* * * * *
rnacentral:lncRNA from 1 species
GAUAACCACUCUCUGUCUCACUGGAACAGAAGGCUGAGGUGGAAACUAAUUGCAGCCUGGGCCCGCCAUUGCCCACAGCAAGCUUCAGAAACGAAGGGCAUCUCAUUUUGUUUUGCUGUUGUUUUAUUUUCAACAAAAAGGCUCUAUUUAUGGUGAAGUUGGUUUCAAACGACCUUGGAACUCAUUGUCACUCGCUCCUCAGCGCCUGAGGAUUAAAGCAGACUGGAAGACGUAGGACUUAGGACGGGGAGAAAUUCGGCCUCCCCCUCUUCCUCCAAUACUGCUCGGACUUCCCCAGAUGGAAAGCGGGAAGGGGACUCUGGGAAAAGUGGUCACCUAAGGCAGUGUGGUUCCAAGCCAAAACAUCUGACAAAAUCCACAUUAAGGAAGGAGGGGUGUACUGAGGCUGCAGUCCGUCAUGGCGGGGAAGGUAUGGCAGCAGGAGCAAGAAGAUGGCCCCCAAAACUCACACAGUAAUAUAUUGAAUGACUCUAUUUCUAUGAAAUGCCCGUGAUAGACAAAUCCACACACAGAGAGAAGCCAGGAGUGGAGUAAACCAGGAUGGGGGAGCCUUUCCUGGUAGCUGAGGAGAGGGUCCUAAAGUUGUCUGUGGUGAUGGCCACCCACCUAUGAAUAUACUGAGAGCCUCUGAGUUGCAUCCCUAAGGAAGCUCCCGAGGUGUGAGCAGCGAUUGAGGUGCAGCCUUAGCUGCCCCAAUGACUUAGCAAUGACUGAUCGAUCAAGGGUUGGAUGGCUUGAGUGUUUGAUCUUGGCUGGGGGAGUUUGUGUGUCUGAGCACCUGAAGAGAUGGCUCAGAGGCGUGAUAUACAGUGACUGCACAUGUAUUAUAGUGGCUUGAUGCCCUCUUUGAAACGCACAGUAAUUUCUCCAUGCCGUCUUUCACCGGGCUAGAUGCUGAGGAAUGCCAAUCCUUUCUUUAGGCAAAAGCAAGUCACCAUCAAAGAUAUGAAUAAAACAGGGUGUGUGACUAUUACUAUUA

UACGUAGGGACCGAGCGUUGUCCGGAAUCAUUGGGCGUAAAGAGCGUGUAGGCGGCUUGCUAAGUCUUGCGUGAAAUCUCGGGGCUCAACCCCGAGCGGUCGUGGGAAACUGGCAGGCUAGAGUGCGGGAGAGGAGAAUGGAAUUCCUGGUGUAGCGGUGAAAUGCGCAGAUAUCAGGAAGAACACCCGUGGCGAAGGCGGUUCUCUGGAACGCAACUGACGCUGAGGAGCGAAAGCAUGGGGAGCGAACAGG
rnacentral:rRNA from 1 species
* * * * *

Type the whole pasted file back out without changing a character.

rnacentral:lncRNA from 1 species
GAUAACCACUCUCUGUCUCACUGGAACAGAAGGCUGAGGUGGAAACUAAUUGCAGCCUGGGCCCGCCAUUGCCCACAGCAAGCUUCAGAAACGAAGGGCAUCUCAUUUUGUUUUGCUGUUGUUUUAUUUUCAACAAAAAGGCUCUAUUUAUGGUGAAGUUGGUUUCAAACGACCUUGGAACUCAUUGUCACUCGCUCCUCAGCGCCUGAGGAUUAAAGCAGACUGGAAGACGUAGGACUUAGGACGGGGAGAAAUUCGGCCUCCCCCUCUUCCUCCAAUACUGCUCGGACUUCCCCAGAUGGAAAGCGGGAAGGGGACUCUGGGAAAAGUGGUCACCUAAGGCAGUGUGGUUCCAAGCCAAAACAUCUGACAAAAUCCACAUUAAGGAAGGAGGGGUGUACUGAGGCUGCAGUCCGUCAUGGCGGGGAAGGUAUGGCAGCAGGAGCAAGAAGAUGGCCCCCAAAACUCACACAGUAAUAUAUUGAAUGACUCUAUUUCUAUGAAAUGCCCGUGAUAGACAAAUCCACACACAGAGAGAAGCCAGGAGUGGAGUAAACCAGGAUGGGGGAGCCUUUCCUGGUAGCUGAGGAGAGGGUCCUAAAGUUGUCUGUGGUGAUGGCCACCCACCUAUGAAUAUACUGAGAGCCUCUGAGUUGCAUCCCUAAGGAAGCUCCCGAGGUGUGAGCAGCGAUUGAGGUGCAGCCUUAGCUGCCCCAAUGACUUAGCAAUGACUGAUCGAUCAAGGGUUGGAUGGCUUGAGUGUUUGAUCUUGGCUGGGGGAGUUUGUGUGUCUGAGCACCUGAAGAGAUGGCUCAGAGGCGUGAUAUACAGUGACUGCACAUGUAUUAUAGUGGCUUGAUGCCCUCUUUGAAACGCACAGUAAUUUCUCCAUGCCGUCUUUCACCGGGCUAGAUGCUGAGGAAUGCCAAUCCUUUCUUUAGGCAAAAGCAAGUCACCAUCAAAGAUAUGAAUAAAACAGGGUGUGUGACUAUUACUAUUA

UACGUAGGGACCGAGCGUUGUCCGGAAUCAUUGGGCGUAAAGAGCGUGUAGGCGGCUUGCUAAGUCUUGCGUGAAAUCUCGGGGCUCAACCCCGAGCGGUCGUGGGAAACUGGCAGGCUAGAGUGCGGGAGAGGAGAAUGGAAUUCCUGGUGUAGCGGUGAAAUGCGCAGAUAUCAGGAAGAACACCCGUGGCGAAGGCGGUUCUCUGGAACGCAACUGACGCUGAGGAGCGAAAGCAUGGGGAGCGAACAGG
rnacentral:rRNA from 1 species